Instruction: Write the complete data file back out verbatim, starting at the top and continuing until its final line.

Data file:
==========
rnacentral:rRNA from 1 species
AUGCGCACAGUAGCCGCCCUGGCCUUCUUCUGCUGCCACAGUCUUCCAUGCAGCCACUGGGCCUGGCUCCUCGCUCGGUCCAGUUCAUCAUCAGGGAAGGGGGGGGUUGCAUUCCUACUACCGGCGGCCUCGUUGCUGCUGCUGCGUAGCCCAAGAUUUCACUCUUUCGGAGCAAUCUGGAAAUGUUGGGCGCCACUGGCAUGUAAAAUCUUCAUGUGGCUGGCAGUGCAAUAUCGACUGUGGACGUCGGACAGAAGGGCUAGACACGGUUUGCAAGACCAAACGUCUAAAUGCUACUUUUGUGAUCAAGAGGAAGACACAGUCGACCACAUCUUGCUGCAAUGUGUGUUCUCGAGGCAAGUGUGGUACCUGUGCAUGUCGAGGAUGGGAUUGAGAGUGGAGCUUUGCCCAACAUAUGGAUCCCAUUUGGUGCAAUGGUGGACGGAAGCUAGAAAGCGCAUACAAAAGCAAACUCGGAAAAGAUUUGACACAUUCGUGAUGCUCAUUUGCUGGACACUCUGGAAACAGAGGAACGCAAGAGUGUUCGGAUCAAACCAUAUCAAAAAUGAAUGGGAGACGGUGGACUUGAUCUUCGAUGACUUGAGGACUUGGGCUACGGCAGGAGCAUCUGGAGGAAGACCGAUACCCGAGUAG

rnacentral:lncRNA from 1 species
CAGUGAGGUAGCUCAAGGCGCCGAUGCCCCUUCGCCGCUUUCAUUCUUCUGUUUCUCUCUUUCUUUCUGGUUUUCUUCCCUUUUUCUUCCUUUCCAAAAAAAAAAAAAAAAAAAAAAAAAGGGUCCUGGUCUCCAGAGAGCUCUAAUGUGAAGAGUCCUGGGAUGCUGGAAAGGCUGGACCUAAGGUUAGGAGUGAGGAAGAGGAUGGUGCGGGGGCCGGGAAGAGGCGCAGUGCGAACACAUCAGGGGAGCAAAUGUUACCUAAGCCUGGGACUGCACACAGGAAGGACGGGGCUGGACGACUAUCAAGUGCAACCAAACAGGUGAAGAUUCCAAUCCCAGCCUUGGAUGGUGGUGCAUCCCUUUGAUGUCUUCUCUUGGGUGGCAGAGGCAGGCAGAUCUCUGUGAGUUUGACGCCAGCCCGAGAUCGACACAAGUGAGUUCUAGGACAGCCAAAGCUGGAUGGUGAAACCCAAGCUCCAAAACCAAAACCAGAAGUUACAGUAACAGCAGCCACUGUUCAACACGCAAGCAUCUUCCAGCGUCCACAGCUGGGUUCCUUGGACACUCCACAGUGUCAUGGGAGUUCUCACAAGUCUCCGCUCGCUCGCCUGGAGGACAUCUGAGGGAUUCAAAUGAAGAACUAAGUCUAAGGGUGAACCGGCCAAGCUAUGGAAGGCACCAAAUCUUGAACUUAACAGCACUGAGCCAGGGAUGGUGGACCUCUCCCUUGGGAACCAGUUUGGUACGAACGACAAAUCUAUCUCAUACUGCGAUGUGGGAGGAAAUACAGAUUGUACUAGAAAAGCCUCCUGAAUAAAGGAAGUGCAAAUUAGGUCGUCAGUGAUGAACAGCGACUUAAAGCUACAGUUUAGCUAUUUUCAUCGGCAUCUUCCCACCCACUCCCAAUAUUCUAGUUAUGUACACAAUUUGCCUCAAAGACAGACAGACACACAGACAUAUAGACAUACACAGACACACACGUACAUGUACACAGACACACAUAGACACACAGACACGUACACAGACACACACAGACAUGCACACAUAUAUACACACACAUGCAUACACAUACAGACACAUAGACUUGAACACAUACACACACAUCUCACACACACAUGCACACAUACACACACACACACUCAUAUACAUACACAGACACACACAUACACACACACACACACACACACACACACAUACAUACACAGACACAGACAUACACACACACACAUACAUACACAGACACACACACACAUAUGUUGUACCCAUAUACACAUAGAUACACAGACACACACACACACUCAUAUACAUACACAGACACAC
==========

rnacentral:rRNA from 1 species
AUGCGCACAGUAGCCGCCCUGGCCUUCUUCUGCUGCCACAGUCUUCCAUGCAGCCACUGGGCCUGGCUCCUCGCUCGGUCCAGUUCAUCAUCAGGGAAGGGGGGGGUUGCAUUCCUACUACCGGCGGCCUCGUUGCUGCUGCUGCGUAGCCCAAGAUUUCACUCUUUCGGAGCAAUCUGGAAAUGUUGGGCGCCACUGGCAUGUAAAAUCUUCAUGUGGCUGGCAGUGCAAUAUCGACUGUGGACGUCGGACAGAAGGGCUAGACACGGUUUGCAAGACCAAACGUCUAAAUGCUACUUUUGUGAUCAAGAGGAAGACACAGUCGACCACAUCUUGCUGCAAUGUGUGUUCUCGAGGCAAGUGUGGUACCUGUGCAUGUCGAGGAUGGGAUUGAGAGUGGAGCUUUGCCCAACAUAUGGAUCCCAUUUGGUGCAAUGGUGGACGGAAGCUAGAAAGCGCAUACAAAAGCAAACUCGGAAAAGAUUUGACACAUUCGUGAUGCUCAUUUGCUGGACACUCUGGAAACAGAGGAACGCAAGAGUGUUCGGAUCAAACCAUAUCAAAAAUGAAUGGGAGACGGUGGACUUGAUCUUCGAUGACUUGAGGACUUGGGCUACGGCAGGAGCAUCUGGAGGAAGACCGAUACCCGAGUAG

rnacentral:lncRNA from 1 species
CAGUGAGGUAGCUCAAGGCGCCGAUGCCCCUUCGCCGCUUUCAUUCUUCUGUUUCUCUCUUUCUUUCUGGUUUUCUUCCCUUUUUCUUCCUUUCCAAAAAAAAAAAAAAAAAAAAAAAAAGGGUCCUGGUCUCCAGAGAGCUCUAAUGUGAAGAGUCCUGGGAUGCUGGAAAGGCUGGACCUAAGGUUAGGAGUGAGGAAGAGGAUGGUGCGGGGGCCGGGAAGAGGCGCAGUGCGAACACAUCAGGGGAGCAAAUGUUACCUAAGCCUGGGACUGCACACAGGAAGGACGGGGCUGGACGACUAUCAAGUGCAACCAAACAGGUGAAGAUUCCAAUCCCAGCCUUGGAUGGUGGUGCAUCCCUUUGAUGUCUUCUCUUGGGUGGCAGAGGCAGGCAGAUCUCUGUGAGUUUGACGCCAGCCCGAGAUCGACACAAGUGAGUUCUAGGACAGCCAAAGCUGGAUGGUGAAACCCAAGCUCCAAAACCAAAACCAGAAGUUACAGUAACAGCAGCCACUGUUCAACACGCAAGCAUCUUCCAGCGUCCACAGCUGGGUUCCUUGGACACUCCACAGUGUCAUGGGAGUUCUCACAAGUCUCCGCUCGCUCGCCUGGAGGACAUCUGAGGGAUUCAAAUGAAGAACUAAGUCUAAGGGUGAACCGGCCAAGCUAUGGAAGGCACCAAAUCUUGAACUUAACAGCACUGAGCCAGGGAUGGUGGACCUCUCCCUUGGGAACCAGUUUGGUACGAACGACAAAUCUAUCUCAUACUGCGAUGUGGGAGGAAAUACAGAUUGUACUAGAAAAGCCUCCUGAAUAAAGGAAGUGCAAAUUAGGUCGUCAGUGAUGAACAGCGACUUAAAGCUACAGUUUAGCUAUUUUCAUCGGCAUCUUCCCACCCACUCCCAAUAUUCUAGUUAUGUACACAAUUUGCCUCAAAGACAGACAGACACACAGACAUAUAGACAUACACAGACACACACGUACAUGUACACAGACACACAUAGACACACAGACACGUACACAGACACACACAGACAUGCACACAUAUAUACACACACAUGCAUACACAUACAGACACAUAGACUUGAACACAUACACACACAUCUCACACACACAUGCACACAUACACACACACACACUCAUAUACAUACACAGACACACACAUACACACACACACACACACACACACACACAUACAUACACAGACACAGACAUACACACACACACAUACAUACACAGACACACACACACAUAUGUUGUACCCAUAUACACAUAGAUACACAGACACACACACACACUCAUAUACAUACACAGACACAC